It required a great deal of will to restrain myself from my desire to force feed him continually for the next couple of months while he returned to his normal size. Anyway, this is a problem now because I’ve clearly developed a weird association in my mind between long, scraggly beards and starving. I know it’s not cool when I run into my next-door neighbor (on his bike, all inked up, beard wafting in the breeze) and mention to him that I just got back from the grocery store if he’d like me to dig out a few cookies.

I, as it turns out, am tragically unhip.

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“I Have a Favor to Ask,” chapter excerpt from “Pushing the River”

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“No, no, no, no no.   I cannot stand it one minute longer.”

“That is simply NOT what happened,” she added.

“Well, who lit a fire under you?”

“That would be your department.  I just think that you’re getting it all wrong.  It simply did NOT happen that way.”

“It’s a story!”

“You’re taking too many liberties!  You’re all the way down there, far away from so many of the very things that you’re telling about.”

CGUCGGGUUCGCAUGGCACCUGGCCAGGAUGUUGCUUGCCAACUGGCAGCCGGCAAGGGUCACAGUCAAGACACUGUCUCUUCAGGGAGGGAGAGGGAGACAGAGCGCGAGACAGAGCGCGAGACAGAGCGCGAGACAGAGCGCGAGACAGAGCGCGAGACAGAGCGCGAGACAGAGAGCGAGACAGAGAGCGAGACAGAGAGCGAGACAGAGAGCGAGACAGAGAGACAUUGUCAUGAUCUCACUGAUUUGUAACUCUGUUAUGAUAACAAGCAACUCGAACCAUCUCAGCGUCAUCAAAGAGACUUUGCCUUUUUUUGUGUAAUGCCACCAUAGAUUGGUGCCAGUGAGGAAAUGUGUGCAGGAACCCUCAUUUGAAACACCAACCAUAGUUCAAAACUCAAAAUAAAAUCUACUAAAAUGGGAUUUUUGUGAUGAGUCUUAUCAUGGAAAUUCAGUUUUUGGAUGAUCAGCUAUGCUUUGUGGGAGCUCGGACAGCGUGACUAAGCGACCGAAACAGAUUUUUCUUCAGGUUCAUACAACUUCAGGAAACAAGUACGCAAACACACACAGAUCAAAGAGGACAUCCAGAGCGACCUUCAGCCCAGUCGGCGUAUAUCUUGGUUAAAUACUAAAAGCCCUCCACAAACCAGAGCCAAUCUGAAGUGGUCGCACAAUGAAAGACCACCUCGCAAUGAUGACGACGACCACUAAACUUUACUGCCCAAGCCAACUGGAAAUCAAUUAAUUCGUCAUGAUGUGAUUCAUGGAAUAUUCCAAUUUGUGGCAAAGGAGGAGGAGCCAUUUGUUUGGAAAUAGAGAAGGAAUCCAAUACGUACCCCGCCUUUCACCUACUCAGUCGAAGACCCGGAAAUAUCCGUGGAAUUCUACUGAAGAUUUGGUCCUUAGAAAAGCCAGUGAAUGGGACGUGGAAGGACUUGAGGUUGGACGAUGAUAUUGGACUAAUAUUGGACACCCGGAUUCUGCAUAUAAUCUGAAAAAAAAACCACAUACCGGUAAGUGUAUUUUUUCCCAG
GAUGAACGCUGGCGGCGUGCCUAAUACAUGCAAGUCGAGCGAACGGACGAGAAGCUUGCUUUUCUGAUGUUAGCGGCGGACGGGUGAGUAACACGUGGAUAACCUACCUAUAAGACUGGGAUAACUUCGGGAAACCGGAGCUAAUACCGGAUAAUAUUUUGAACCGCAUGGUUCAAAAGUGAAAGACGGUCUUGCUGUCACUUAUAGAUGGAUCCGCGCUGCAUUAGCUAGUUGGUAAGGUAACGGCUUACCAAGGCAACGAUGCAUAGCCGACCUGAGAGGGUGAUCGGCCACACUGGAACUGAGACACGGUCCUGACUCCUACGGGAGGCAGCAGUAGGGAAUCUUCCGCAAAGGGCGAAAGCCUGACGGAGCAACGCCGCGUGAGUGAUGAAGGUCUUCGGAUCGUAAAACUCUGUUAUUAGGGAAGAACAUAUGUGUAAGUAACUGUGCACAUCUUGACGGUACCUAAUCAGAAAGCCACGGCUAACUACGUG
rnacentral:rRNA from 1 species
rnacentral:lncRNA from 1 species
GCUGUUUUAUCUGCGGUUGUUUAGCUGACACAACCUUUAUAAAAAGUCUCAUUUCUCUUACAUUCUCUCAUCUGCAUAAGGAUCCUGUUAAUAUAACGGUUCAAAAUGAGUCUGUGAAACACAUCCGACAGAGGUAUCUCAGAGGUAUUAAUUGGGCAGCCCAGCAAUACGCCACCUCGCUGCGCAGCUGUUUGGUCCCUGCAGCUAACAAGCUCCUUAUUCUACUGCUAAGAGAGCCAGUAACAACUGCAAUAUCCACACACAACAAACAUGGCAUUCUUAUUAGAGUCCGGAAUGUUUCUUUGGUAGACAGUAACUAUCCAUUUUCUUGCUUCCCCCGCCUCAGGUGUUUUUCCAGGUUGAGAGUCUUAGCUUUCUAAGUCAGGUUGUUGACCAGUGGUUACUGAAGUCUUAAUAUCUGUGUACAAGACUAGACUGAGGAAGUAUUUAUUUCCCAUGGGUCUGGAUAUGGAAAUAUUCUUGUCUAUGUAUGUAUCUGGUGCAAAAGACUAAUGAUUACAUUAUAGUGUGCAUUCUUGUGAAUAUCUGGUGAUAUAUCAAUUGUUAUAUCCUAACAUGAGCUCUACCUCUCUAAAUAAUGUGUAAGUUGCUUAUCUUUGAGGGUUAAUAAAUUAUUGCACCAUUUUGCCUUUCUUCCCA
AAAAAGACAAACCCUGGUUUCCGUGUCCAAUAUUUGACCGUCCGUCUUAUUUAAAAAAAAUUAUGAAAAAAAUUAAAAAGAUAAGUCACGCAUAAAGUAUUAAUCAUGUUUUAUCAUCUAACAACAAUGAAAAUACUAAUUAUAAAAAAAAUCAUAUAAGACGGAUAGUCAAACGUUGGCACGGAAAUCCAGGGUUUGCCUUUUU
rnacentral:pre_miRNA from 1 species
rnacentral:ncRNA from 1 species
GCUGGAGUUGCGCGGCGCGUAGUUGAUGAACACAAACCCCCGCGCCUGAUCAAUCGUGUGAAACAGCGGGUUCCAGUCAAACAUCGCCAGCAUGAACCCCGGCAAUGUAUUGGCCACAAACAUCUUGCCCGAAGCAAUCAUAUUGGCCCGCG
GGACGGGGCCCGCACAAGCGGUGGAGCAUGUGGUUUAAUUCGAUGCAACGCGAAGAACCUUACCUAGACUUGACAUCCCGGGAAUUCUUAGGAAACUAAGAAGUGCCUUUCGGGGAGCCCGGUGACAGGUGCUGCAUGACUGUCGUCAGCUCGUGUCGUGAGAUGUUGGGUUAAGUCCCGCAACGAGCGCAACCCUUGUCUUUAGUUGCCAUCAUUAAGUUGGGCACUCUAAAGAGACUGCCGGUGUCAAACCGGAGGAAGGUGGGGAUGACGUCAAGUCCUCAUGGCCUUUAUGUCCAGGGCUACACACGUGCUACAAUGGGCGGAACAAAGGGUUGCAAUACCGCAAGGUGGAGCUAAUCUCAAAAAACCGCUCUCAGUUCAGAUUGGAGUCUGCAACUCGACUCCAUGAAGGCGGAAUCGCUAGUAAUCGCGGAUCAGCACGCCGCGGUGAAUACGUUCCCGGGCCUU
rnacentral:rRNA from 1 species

“It’s MY story!  It’s my story, according to ME.  Course I’m making it up.  S-T-O-R-Y!”

“It seems to me that if you open the door on these, well, these very personal things, that you should have a responsibility to some degree of truth.”

“Oh, truth is it?  Now you’re flat-out playing with fire, talking about the truth!”

            “I suppose you think that’s hilarious.”

“My darling, I have been waiting one hundred years, one full century, listening, and learning, and waiting for my chance to say my piece.  It’s my turn!  Geez Louise, you’re trying to close the barn door after the horse has already left the stable.”

“Again.  Hilarious.”

“Lordy, lordy, what have I done.?  Why do I have to put up with this from the likes of you?”

“Accountability!  Responsibility!  Where is your sense of honor!?”

Honor!  Cripes almighty,  YOU’RE A DOOR!

“YOU’RE   A    BOILER!”

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I ain’t never used this word in all my born days…but…you’re a whore!  You’re a whore of a door!  A door whore!  You’ll let anybody in!!”